Cyber Week: DWP says security experts stopped ‘large attack’ from organised crime during UC surge

Written by Sam Trendall on 12 July 2021 in News
News

As the department processed 4.3 million new claims, fraudsters attempted to cash in

Credit: Got Credit/CC BY 2.0

The coronavirus pandemic saw the government provide tens – if not hundreds – of billions of pounds in financial support for businesses and citizens. 

And where there is lots of money to be had, one will, unfortunately but inevitably, find fraudsters seeking to divert some of it to their pocket. 

For government, fraud was already a nagging problem; in the 2019/20 year, the Department for Work and Pensions recorded its highest-ever level of fraud and error, according to a report published in October by the National Audit Office. This resulted in an overpayment of £4.6bn – equating to 2.4% of all benefit expenditure during the year. It also underpaid £2bn of claimants’ legitimate entitlements: 1.1% of the overall benefit bill.

What is more, the NAO warned that the level of fraud was likely to “increase significantly” in light of the pandemic, during which the department has been required to process 4.3 million new claims for Universal Credit. At the height of the crisis, 100,000 claims were being made each day – at a time when as much as a quarter of the DWP’s workforce was off work as a result of the Covid outbreak.

This resulted in “inexperienced staff” handling claims – access to which was also opened up via the legacy Government Gateway platform, as the GOV.UK Verify identity-assurance tool struggled to cope.


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But it has recently emerged that at least one major fraud attempt – which would have resulted in significant losses – was stopped in its tracks.

Answering a written parliamentary question from fellow Conservative MP Lee Anderson, welfare minister Will Quince said: “Our Integrated Risk and Intelligence Service coordinates the detection of, and response to, fraud risks from organised crime groups seeking to exploit Covid-19. In May 2020, cyber colleagues prevented a large attack on our systems by organised criminals. This prevented substantial sums being paid out to scammers.”

Details of the attack are scarce, but PublicTechnology understands fraudsters made a large-scale and coordinated attempt to defraud the benefits system via its standard application channels.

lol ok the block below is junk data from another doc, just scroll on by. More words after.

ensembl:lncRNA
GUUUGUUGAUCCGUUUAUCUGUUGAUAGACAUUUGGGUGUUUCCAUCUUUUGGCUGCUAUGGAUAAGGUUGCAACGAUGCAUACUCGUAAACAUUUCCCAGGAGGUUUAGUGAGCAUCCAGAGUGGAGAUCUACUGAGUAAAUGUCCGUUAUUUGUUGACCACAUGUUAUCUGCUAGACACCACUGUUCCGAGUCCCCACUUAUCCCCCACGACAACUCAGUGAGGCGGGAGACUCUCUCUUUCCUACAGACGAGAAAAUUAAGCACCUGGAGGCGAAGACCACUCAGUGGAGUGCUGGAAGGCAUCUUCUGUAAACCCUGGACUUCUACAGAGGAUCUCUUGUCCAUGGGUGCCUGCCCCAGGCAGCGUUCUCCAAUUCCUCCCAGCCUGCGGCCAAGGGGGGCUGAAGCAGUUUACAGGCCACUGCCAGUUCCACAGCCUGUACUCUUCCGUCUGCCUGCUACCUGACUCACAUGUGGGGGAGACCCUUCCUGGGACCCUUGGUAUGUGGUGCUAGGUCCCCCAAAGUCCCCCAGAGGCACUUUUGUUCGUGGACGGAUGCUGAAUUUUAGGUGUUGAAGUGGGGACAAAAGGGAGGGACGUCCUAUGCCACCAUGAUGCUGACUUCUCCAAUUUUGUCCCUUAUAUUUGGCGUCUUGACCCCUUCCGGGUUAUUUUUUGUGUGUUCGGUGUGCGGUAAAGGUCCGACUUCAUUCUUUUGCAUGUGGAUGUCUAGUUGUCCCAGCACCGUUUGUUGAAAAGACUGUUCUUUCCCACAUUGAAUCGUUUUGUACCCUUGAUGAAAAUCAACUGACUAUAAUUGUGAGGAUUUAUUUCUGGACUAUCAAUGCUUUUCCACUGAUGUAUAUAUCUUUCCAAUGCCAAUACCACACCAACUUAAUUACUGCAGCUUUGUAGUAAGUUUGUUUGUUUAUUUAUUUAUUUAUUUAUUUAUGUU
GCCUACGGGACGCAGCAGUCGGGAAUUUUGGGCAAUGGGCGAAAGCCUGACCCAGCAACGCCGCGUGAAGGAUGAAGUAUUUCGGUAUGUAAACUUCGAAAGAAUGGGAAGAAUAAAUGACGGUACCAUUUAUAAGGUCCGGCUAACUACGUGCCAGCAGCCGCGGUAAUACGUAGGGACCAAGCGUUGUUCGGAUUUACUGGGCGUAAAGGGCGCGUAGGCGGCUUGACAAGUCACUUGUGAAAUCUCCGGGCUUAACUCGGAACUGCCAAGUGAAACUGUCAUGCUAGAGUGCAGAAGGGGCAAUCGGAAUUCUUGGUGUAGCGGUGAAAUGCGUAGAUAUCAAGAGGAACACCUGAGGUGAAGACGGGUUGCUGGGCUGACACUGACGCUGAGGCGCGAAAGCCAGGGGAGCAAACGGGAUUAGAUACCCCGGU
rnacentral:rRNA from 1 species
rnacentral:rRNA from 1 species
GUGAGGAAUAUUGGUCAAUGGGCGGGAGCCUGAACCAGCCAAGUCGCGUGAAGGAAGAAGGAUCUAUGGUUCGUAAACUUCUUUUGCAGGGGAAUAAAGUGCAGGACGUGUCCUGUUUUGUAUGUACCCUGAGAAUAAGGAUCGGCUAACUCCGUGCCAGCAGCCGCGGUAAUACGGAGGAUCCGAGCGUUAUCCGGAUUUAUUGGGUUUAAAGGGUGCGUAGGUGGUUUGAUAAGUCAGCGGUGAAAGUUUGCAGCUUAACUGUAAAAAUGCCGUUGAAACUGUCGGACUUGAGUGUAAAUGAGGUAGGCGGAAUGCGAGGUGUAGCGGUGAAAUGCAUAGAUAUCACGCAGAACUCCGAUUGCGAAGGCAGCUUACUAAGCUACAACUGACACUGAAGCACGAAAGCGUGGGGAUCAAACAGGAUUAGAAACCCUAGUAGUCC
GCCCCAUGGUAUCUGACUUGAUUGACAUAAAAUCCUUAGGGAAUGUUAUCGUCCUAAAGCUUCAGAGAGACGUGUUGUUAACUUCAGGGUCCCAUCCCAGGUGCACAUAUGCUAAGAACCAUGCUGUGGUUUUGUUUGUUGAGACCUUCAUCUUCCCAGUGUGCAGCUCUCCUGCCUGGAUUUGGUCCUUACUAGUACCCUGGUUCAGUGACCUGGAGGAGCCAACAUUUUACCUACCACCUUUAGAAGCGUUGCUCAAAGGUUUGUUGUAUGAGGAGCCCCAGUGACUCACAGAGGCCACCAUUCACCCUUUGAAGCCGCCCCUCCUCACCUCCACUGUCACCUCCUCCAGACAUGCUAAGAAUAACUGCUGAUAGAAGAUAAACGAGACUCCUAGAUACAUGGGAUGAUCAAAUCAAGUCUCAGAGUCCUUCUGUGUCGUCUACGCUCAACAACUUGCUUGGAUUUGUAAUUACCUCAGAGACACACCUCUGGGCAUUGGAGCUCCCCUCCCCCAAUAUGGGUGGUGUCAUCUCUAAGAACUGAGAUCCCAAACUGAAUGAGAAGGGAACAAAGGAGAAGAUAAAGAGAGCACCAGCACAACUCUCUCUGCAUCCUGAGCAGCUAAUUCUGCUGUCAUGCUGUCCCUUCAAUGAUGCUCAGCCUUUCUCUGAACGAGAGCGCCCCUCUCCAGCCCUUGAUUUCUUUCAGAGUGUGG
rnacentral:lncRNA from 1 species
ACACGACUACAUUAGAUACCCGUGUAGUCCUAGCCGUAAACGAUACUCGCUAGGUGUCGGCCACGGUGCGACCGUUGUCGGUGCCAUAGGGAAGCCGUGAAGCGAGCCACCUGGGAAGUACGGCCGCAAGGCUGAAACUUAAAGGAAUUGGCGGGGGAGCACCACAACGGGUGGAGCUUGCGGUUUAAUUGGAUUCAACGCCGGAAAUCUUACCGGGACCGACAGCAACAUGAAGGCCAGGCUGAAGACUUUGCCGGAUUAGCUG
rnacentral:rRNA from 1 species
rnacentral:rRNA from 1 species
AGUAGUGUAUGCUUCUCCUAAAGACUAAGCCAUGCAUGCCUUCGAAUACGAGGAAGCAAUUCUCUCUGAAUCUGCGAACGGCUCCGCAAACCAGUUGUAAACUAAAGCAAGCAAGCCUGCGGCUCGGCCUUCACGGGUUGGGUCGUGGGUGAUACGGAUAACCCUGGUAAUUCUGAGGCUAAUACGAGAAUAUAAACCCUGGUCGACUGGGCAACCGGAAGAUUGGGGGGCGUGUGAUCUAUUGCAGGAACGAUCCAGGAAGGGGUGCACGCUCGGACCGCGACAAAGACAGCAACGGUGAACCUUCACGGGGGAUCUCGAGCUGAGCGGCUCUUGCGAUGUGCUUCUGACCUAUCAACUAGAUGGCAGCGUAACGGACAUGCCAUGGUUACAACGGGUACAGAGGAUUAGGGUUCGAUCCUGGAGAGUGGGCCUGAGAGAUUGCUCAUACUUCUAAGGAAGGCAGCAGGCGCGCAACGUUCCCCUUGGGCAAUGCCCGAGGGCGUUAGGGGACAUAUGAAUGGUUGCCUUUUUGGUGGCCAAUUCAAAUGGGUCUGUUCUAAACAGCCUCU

When asked, the DWP said that it could not provide details of its fraud-prevention methods, nor could it comment on efforts to apprehend the perpetrators of the fraud, as cases are ongoing, it claimed.

“Despite an unprecedented number of new Universal Credit claims as a result of the pandemic, fraud and error in the benefits system remains low with robust plans in place to recover and combat fraudulent claims,” a spokesperson said. “We take any abuse of taxpayers’ money very seriously and those who choose to abuse the system will be thoroughly investigated and may face criminal proceedings.”

In his parliamentary answer, Quince said that “the vast majority of benefits paid remain genuine”.

“Without the interventions we introduced, the overall Fraud and Error rate would have been notably higher,” he added. “We continue to invest in our digital capability and organisational design, with the chancellor announcing £44m at the Spring Budget for the development of this prevent approach. This funding has enabled us to expand our Integrated Risk and Intelligence Service, develop pre-payment ‘risking’ techniques and maintain our new Enhanced Checking Service for high risk claims.”

The minister said that the DWP is “currently revisiting any high-risks claims that were paid during the early period of Covid-19.

“Where fraud does occur, we will investigate it and where fraud is established, we are committed to the use of appropriate penalties and to recovering monies from the perpetrators,” Quince said. “We also continue to work with other government departments and law-enforcement agencies nationally and across borders to ensure appropriate intelligence and resources are shared, enabling the totality of any criminality to be identified and investigated.”

 

About the author

Sam Trendall is editor of PublicTechnology

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